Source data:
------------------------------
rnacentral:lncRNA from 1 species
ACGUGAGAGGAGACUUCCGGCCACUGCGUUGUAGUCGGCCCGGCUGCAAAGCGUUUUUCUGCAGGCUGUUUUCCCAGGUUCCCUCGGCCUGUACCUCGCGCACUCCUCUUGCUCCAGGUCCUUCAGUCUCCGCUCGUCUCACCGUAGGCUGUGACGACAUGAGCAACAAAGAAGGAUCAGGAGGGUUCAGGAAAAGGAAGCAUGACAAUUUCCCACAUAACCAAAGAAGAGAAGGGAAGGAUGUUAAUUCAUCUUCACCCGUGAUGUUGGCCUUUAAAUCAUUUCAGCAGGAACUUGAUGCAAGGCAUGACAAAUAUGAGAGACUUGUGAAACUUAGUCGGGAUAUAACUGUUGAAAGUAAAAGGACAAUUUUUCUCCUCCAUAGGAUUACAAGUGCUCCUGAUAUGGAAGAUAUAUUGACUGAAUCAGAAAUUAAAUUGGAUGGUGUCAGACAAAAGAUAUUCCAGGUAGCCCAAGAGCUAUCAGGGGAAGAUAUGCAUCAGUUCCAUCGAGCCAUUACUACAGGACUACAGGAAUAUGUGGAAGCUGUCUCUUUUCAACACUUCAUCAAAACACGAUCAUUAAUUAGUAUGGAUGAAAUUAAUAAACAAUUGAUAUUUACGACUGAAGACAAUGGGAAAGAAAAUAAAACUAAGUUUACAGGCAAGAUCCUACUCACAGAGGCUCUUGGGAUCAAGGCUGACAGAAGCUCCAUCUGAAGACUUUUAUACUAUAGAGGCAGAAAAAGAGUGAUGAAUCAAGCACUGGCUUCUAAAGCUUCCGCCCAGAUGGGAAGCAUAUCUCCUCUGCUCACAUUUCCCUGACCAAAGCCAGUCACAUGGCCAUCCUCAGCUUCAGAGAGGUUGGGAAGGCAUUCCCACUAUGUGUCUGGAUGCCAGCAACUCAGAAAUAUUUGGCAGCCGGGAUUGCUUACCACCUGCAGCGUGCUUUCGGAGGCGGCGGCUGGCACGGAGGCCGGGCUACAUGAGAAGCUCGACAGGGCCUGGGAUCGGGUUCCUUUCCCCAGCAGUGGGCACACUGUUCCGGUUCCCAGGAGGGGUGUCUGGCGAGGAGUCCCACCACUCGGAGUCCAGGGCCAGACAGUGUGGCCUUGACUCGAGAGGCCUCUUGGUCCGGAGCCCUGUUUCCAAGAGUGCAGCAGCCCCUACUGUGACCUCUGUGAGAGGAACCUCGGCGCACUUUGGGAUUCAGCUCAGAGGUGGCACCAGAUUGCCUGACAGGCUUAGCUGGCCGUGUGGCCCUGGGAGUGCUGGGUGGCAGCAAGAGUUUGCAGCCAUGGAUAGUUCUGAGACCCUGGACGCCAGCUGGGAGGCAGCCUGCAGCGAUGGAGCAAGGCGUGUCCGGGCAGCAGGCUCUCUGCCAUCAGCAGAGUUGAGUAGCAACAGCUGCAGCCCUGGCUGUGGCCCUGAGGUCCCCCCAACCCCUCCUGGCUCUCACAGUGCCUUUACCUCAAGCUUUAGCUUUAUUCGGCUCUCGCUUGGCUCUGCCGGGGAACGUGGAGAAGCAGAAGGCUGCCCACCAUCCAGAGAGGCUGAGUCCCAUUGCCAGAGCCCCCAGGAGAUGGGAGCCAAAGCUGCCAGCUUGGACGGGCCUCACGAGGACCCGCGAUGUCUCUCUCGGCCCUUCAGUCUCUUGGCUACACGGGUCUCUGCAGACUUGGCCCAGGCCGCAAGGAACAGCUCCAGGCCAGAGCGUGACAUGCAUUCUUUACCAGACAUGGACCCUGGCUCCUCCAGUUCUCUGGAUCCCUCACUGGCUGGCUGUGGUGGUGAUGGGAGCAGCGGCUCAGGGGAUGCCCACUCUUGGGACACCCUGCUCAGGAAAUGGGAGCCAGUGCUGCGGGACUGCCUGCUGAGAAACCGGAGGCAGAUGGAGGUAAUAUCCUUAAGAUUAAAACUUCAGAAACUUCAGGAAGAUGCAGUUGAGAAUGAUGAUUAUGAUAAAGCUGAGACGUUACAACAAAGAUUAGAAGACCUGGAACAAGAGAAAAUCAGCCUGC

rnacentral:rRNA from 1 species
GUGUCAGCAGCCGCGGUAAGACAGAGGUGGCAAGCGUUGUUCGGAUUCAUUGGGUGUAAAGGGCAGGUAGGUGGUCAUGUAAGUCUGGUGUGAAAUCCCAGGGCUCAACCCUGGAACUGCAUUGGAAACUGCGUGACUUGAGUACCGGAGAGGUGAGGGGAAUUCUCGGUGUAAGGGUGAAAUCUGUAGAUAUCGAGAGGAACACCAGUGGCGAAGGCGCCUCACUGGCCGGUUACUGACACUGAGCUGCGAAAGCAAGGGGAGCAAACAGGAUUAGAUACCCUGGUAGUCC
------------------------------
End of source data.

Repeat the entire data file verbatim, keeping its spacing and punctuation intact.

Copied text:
rnacentral:lncRNA from 1 species
ACGUGAGAGGAGACUUCCGGCCACUGCGUUGUAGUCGGCCCGGCUGCAAAGCGUUUUUCUGCAGGCUGUUUUCCCAGGUUCCCUCGGCCUGUACCUCGCGCACUCCUCUUGCUCCAGGUCCUUCAGUCUCCGCUCGUCUCACCGUAGGCUGUGACGACAUGAGCAACAAAGAAGGAUCAGGAGGGUUCAGGAAAAGGAAGCAUGACAAUUUCCCACAUAACCAAAGAAGAGAAGGGAAGGAUGUUAAUUCAUCUUCACCCGUGAUGUUGGCCUUUAAAUCAUUUCAGCAGGAACUUGAUGCAAGGCAUGACAAAUAUGAGAGACUUGUGAAACUUAGUCGGGAUAUAACUGUUGAAAGUAAAAGGACAAUUUUUCUCCUCCAUAGGAUUACAAGUGCUCCUGAUAUGGAAGAUAUAUUGACUGAAUCAGAAAUUAAAUUGGAUGGUGUCAGACAAAAGAUAUUCCAGGUAGCCCAAGAGCUAUCAGGGGAAGAUAUGCAUCAGUUCCAUCGAGCCAUUACUACAGGACUACAGGAAUAUGUGGAAGCUGUCUCUUUUCAACACUUCAUCAAAACACGAUCAUUAAUUAGUAUGGAUGAAAUUAAUAAACAAUUGAUAUUUACGACUGAAGACAAUGGGAAAGAAAAUAAAACUAAGUUUACAGGCAAGAUCCUACUCACAGAGGCUCUUGGGAUCAAGGCUGACAGAAGCUCCAUCUGAAGACUUUUAUACUAUAGAGGCAGAAAAAGAGUGAUGAAUCAAGCACUGGCUUCUAAAGCUUCCGCCCAGAUGGGAAGCAUAUCUCCUCUGCUCACAUUUCCCUGACCAAAGCCAGUCACAUGGCCAUCCUCAGCUUCAGAGAGGUUGGGAAGGCAUUCCCACUAUGUGUCUGGAUGCCAGCAACUCAGAAAUAUUUGGCAGCCGGGAUUGCUUACCACCUGCAGCGUGCUUUCGGAGGCGGCGGCUGGCACGGAGGCCGGGCUACAUGAGAAGCUCGACAGGGCCUGGGAUCGGGUUCCUUUCCCCAGCAGUGGGCACACUGUUCCGGUUCCCAGGAGGGGUGUCUGGCGAGGAGUCCCACCACUCGGAGUCCAGGGCCAGACAGUGUGGCCUUGACUCGAGAGGCCUCUUGGUCCGGAGCCCUGUUUCCAAGAGUGCAGCAGCCCCUACUGUGACCUCUGUGAGAGGAACCUCGGCGCACUUUGGGAUUCAGCUCAGAGGUGGCACCAGAUUGCCUGACAGGCUUAGCUGGCCGUGUGGCCCUGGGAGUGCUGGGUGGCAGCAAGAGUUUGCAGCCAUGGAUAGUUCUGAGACCCUGGACGCCAGCUGGGAGGCAGCCUGCAGCGAUGGAGCAAGGCGUGUCCGGGCAGCAGGCUCUCUGCCAUCAGCAGAGUUGAGUAGCAACAGCUGCAGCCCUGGCUGUGGCCCUGAGGUCCCCCCAACCCCUCCUGGCUCUCACAGUGCCUUUACCUCAAGCUUUAGCUUUAUUCGGCUCUCGCUUGGCUCUGCCGGGGAACGUGGAGAAGCAGAAGGCUGCCCACCAUCCAGAGAGGCUGAGUCCCAUUGCCAGAGCCCCCAGGAGAUGGGAGCCAAAGCUGCCAGCUUGGACGGGCCUCACGAGGACCCGCGAUGUCUCUCUCGGCCCUUCAGUCUCUUGGCUACACGGGUCUCUGCAGACUUGGCCCAGGCCGCAAGGAACAGCUCCAGGCCAGAGCGUGACAUGCAUUCUUUACCAGACAUGGACCCUGGCUCCUCCAGUUCUCUGGAUCCCUCACUGGCUGGCUGUGGUGGUGAUGGGAGCAGCGGCUCAGGGGAUGCCCACUCUUGGGACACCCUGCUCAGGAAAUGGGAGCCAGUGCUGCGGGACUGCCUGCUGAGAAACCGGAGGCAGAUGGAGGUAAUAUCCUUAAGAUUAAAACUUCAGAAACUUCAGGAAGAUGCAGUUGAGAAUGAUGAUUAUGAUAAAGCUGAGACGUUACAACAAAGAUUAGAAGACCUGGAACAAGAGAAAAUCAGCCUGC

rnacentral:rRNA from 1 species
GUGUCAGCAGCCGCGGUAAGACAGAGGUGGCAAGCGUUGUUCGGAUUCAUUGGGUGUAAAGGGCAGGUAGGUGGUCAUGUAAGUCUGGUGUGAAAUCCCAGGGCUCAACCCUGGAACUGCAUUGGAAACUGCGUGACUUGAGUACCGGAGAGGUGAGGGGAAUUCUCGGUGUAAGGGUGAAAUCUGUAGAUAUCGAGAGGAACACCAGUGGCGAAGGCGCCUCACUGGCCGGUUACUGACACUGAGCUGCGAAAGCAAGGGGAGCAAACAGGAUUAGAUACCCUGGUAGUCC